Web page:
BATON ROUGE, La. (AP) — Lawyers for Louisiana’s governor and attorney general sparred Tuesday over the scope of the elected officials’ authority and whether an executive order aimed at protecting LGBT rights in state government crossed a constitutional line.
Gov. John Bel Edwards, a Democrat, is asking an appeals court to reinstate his April 2016 order banning discrimination in government and state contracts based on sexual orientation and gender identity. A district court judge blocked enforcement in December in response to a lawsuit from Attorney General Jeff Landry, a Republican.
A three-judge panel of a Louisiana appeals court heard arguments Tuesday, but did not immediately issue a decision.
Edwards’ attorney Matthew Block said District Court Judge Todd Hernandez “just got it wrong” when he ruled the Edwards order violated Louisiana’s constitutional separation of powers.
Hernandez agreed with Landry that Edwards’ order was executive overreach, unconstitutionally seeking to create state law and trying to circumvent Louisiana lawmakers who have refused to write such LGBT-rights protections into statute.
“The executive order is not law,” Block said. “It is internal policy to the executive branch about employment and about contracting standards.”
Landry’s lawyer Elizabeth Murrill said Edwards is claiming authority Louisiana’s governor isn’t granted in the state constitution, trying to enact hiring and contracting requirements for other elected officials in the government’s executive branch.
“There are a number of other statewide elected officials who are not under the direction of the governor, and you have seen in the briefs I think that the governor believes that they are,” Murrill said. “And that, I would submit to you, is a rewriting of the constitution.”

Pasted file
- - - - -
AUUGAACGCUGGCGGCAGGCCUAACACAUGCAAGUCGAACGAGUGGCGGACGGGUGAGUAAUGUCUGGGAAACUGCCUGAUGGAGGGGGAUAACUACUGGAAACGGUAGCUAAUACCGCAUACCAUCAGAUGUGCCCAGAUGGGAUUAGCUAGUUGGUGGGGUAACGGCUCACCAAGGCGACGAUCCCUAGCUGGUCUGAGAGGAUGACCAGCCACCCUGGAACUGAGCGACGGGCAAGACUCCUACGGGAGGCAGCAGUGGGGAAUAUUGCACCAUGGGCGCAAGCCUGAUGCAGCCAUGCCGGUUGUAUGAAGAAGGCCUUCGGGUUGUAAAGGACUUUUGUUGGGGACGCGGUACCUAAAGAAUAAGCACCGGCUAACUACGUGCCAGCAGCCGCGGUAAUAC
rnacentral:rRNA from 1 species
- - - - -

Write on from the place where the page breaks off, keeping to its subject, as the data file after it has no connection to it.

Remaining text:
Edwards and Landry have clashed repeatedly since taking office in 2016. Landry is considered a possible challenger to Edwards in the 2019 governor’s race. Landry attended Tuesday’s court hearing, while Edwards was meeting with U.S. Housing and Urban Development Secretary Ben Carson in New Orleans.
Appeals Court Judge Guy Holdridge asked Block what would happen to someone who doesn’t follow the executive order if it was in force, questioning how strict the enforcement would be or if the order was an “aspirational goal.”
Block said someone who works for the governor could be removed for not adhering to policy and someone with a state contract could be found in breach of the agreement.
After the hearing, Block added, however, that the governor would have limited ways to enforce the LGBT-rights policy on other statewide elected officials. He couldn’t force those officials to following the hiring guidance, Block said, and could only mandate the anti-discrimination language in contracts over which the Edwards administration has review.
Holdridge asked Murrill if part of the governor’s executive order could be upheld, as it relates to Edwards’ own employees.
“Could we find his order constitutional on a limited basis?” Holdridge asked.
Murrill replied: “I don’t think you can partially uphold the executive order.”
The Edwards administration claims the order is consistent with directives issued by previous Louisiana governors Edwin Edwards and Kathleen Blanco.
But Edwards’ order goes further than that issued by the two prior Democratic leaders. He added language protecting against discrimination based on gender identity, a provision that protects transgender people. Landry’s attorneys have said that term isn’t defined and could create legal problems and ambiguity for employers.
When Edwards issued his order last year, Landry blocked dozens of legal services contracts that contained the anti-discrimination language. After Hernandez declared the order invalid, the LGBT protections were stripped from the contracts, and that stalemate ended.
As part of the lawsuit, the two statewide elected officials also are disputing the scope of the attorney general’s authority over legal contracts.
Follow Melinda Deslatte on Twitter at http://twitter.com/melindadeslatte